6. You realise that's 34 in Canada alone, right? That would equate to about 400 in the United States. Do you give a shit yet? Maybe you will when it's someone you care about, if anyone fits that criteria. The fact that you are in such a state of denial is worrisome. It's people like you, those who cannot recognise the problem who are the ones that are dying. I have grave concerns for your mental health my friend.
  7. You're missing the point Mikey, it's not the number of suicides, it's the number per 100,000. In Canada the national average in 2009 was 11.8 per 100,000 people. The suicide rate for first responders is more than double the national average. Why is there such a discrepancy? The only real difference from the national average is the carreer. 34 people might have died in bicycle accidents, but how many million rode a bike there are far more bicycle riders out there than there are first responders? In that case, the numbers just aren't as significant and you're comparing apples to oranges.
  8. As an aside, the hyperlink you mentioned is an automatically placed ad that is used as a source of revenue for the website. Only free members can see it, so none of us here knew what you were talking about. The automatic advertising robot fella takes key words and links them to what it thinks is subject matter in the discussion. In this case, (I am making the assumption) the word blow up took you to a site regarding dolls. It wasn't intentional.
  9. That story is incorrect. They are misrepresenting "First Responders" as paramedics. The true number is 34 First Responders. This includes Police, Fire, Corrections, CBSA, and others as well. But hey, if it puts a spotlight on the small percentage that were paramedics, I'll take it,
  10. The Apollo fire anniversary was yesterday.....Jan 27, 1967. I hadn't realised that until I looked it up.
  11. So, I managed to read my way through that, and from what I can tell, you would like to find a cheap accelerated EMT-B program somewhere in Alabama but haven't had any luck so far even though you asked the head of the State EMS office and a regional school. Is that the gist of it? Although I am Canadian and cannot help you regarding education in Alabama, I can suggest you search for some of the many threads on here that address this topic. You may find something more helpful than I, but you may also learn what most of us understand about the quickie cheap EMS programs.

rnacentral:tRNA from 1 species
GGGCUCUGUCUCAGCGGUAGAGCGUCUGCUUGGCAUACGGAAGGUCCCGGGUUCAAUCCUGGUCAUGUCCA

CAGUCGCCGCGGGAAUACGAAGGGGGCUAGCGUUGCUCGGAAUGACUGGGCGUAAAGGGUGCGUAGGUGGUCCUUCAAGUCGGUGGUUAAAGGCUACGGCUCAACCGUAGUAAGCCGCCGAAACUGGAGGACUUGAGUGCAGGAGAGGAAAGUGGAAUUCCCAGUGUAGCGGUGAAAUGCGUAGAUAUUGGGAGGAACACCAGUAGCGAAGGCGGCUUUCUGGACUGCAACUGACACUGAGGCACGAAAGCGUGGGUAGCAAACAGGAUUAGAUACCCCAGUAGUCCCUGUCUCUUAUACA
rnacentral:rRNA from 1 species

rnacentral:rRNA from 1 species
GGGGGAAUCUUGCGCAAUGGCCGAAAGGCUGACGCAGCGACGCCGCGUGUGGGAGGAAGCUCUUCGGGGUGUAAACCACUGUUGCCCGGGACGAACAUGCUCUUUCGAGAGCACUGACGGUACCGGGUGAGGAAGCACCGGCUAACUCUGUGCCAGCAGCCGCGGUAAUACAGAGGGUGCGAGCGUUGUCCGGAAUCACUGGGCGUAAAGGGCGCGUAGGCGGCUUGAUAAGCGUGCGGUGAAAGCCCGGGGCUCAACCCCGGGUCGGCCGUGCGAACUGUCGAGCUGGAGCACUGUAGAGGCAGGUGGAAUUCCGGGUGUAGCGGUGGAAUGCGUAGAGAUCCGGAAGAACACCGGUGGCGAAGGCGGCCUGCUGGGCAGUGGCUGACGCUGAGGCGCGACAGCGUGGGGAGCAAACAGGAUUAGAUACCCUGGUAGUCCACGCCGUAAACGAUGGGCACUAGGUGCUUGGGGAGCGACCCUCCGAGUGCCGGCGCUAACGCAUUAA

12. Just found this from CBC news. http://www.cbc.ca/news/canada/edmonton/edmonton-first-responders-mourn-sudden-death-of-paramedic-1.2934170 I hope he's at peace now.
  13. We already did. http://www.collegeofparamedics.sk.ca/cme/spinalmanagement.php
  14. I'm trying not to read anything into it, but I find it strange that the article includes a link to another article relating to the suicide of 4 first responders this month.
  15. http://globalnews.ca/news/1794444/edmonton-paramedics-mourn-tragic-loss-of-one-of-their-own/
  16. The small seat on the driver side is commonly referred to as the CPR seat, the seat at the head of the cot is also called the Airway Seat, and the long bench like seating area on the passenger side of the vehicle is commonly called the bench seat, or squad bench. Here is a picture of a bench seat and an airway seat from the demers website http://www.demers-ambulances.com/assets/pictures/features/MXP170_1_5551_New_curbside_window_thumb.jpg Here is a picture of the track seating offered by Demers; http://www.demers-ambulances.com/assets/pictures/features/160S_7a_Mobility_track_chair.gif